The voltage controlled oscillator circuits within the conventional transceiver may be adapted to generate one or more differential frequency output signals. Outputs of these voltage controlled oscillator circuits may be coupled to one or more divider circuits, for example, that divide the generated differential frequency output signals for subsequent use by other circuits within the transceiver. The voltage controlled oscillators, however, are sensitive to loading from these divider circuits and/or from other interconnections. Large capacitance from loading and/or resistance created by divider circuits and line routing may decrease the quality factor and limit performance of the voltage controlled oscillator circuits within the transceiver.

In this regard, the desired output frequency of the differential output signal generated by the voltage controlled oscillator may change and re-calibration may be required. In addition, variations caused by environmental factors and PTV may result in deviations in the desired output frequency of the differential output signals generated the VCO circuits. Consequently, a phase locked loop (PLL) may be required to control the VCO to generate output differential signals with desired output frequency.

Within the PLL, a phase frequency detector may be utilized to detect a phase and/or frequency difference between a reference signal and a voltage controlled oscillator output signal. Conventional phase frequency detectors, however, are characterized by increased overlapping time between up and down output signals of the phase frequency detector, which increases charge pump phase noise contribution and reference signal feedthrough in the voltage controlled oscillator output signal. An up output signal of the phase frequency detector may be generated when a first input signal leads a second input signals. For example, an up output signal may be generated when a reference input signal leads a VCO input signal. Similarly, a down output signal may be generated by the phase frequency detector when the reference input signal lags the VCO input signal.

In some instances, conventional phase frequency detectors are characterized by reduced overlapping time between the up and down output signals of the phase frequency detector. Consequently, “dead zone” effects significantly increase because of the reduced overlapping time, resulting in increase in phase noise in the voltage controlled oscillator differential output signals.

Further limitations and disadvantages of conventional and traditional approaches will become apparent to one of skill in the art, through comparison of such systems with the present invention as set forth in the remainder of the present application with reference to the drawings.

BRIEF SUMMARY OF THE INVENTION

A system and/or method for phase frequency detection with programmable delay, substantially as shown in and/or described in connection with at least one of the figures, as set forth more completely in the claims.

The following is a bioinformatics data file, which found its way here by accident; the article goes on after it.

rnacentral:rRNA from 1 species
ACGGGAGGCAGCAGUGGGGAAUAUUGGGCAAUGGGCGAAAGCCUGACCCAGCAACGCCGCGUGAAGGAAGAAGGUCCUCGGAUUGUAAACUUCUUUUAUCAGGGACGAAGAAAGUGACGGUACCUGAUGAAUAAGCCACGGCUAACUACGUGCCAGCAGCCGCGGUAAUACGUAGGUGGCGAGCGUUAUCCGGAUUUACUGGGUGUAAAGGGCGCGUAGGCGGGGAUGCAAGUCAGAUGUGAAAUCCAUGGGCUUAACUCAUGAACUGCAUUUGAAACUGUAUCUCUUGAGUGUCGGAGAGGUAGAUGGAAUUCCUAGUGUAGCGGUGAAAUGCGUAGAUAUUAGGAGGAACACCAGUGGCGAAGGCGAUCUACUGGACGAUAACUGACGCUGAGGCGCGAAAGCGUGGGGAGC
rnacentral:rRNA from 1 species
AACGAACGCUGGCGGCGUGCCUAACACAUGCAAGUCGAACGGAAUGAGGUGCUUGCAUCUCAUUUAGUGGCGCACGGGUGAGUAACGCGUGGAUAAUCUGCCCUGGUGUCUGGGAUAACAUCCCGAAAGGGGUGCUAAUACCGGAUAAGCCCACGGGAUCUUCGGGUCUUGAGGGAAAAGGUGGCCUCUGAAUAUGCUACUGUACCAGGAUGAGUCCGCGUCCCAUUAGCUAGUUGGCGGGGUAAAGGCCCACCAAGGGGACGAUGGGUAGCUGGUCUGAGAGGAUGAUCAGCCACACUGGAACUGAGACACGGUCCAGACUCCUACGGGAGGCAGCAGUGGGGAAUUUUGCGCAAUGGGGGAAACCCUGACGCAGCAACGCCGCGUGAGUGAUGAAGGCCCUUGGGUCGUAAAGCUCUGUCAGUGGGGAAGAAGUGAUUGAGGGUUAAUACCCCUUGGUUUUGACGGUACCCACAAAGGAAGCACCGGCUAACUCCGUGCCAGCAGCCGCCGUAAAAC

Various advantages, aspects and novel features of the present invention, as well as details of an illustrated embodiment thereof, will be more fully understood from the following description and drawings.

BRIEF DESCRIPTION OF SEVERAL VIEWS OF THE DRAWINGS

FIG. 1 is a block diagram illustrating a phase frequency detector circuit that may be utilized in accordance with an embodiment of the invention.

FIG. 2 is a timing diagram of exemplary input and output signals of the phase frequency detector of FIG. 1, for example, in accordance with an embodiment of the invention.

FIG. 3 is a timing diagram of exemplary input and output signals of the phase frequency detector of FIG. 1, for example, in accordance with an embodiment of the invention.

FIG. 4 is a block diagram illustrating a phase frequency processing circuit with a charge pump that may be utilized in accordance with an embodiment of the invention.

FIG. 5 is a timing diagram of exemplary input signals and partially overlapping output signals of the phase frequency detector of FIG. 4, for example, in accordance with an embodiment of the invention.

FIG. 6 is a block diagram illustrating a phase frequency detector circuit with programmable delay, in accordance with an embodiment of the invention.

FIG. 7 is a block diagram of an exemplary programmable delay circuit that may be utilized in accordance with an embodiment of the invention.

FIG. 8 is a block diagram of an exemplary eight input multiplexer that may be utilized in accordance with the exemplary programmable delay circuit of FIG. 7, for example, in accordance with an embodiment of the invention.

FIG. 9 is a flow diagram illustrating exemplary steps for locking a phase locked loop (PLL), in accordance with an embodiment of the invention.

DETAILED DESCRIPTION OF THE INVENTION

Certain aspects of the invention may be found in a method and system for locking a phase locked loop (PLL). A phase frequency detector and a charge pump may be utilized to lock an output signal of a voltage controlled oscillator (VCO) and a reference signal so that the VCO output signal has the same frequency and/or phase as the reference signal. One or more programmable delay circuits may be utilized to optimize the duration of an up and/or down output signal of the phase frequency detector. In this regard, “dead zone” effects in the charge pump may be avoided and phase noise in the voltage controlled oscillator output signal may be significantly reduced.

FIG. 1 is a block diagram illustrating a phase frequency detector circuit that may be utilized in accordance with an embodiment of the invention. Referring to FIG. 1, the phase frequency detector circuit 100 may comprise flipflops 102 and 104 and an AND gate 106. Flipflops 102 and 104 may comprise edge-triggered, resettable D flipflops with their D inputs 108 and 110 tied to logic ONE. For example, flipflop D inputs 108 and 110 may be connected to rail voltage VDD. The clock input of the first flipflop 102 may be adapted to receive a reference signal 112, and the clock input of the second flipflop 104 may be adapted to receive a voltage controlled oscillator signal 114. The voltage controlled oscillator signal 114 may comprise a divided VCO output signal.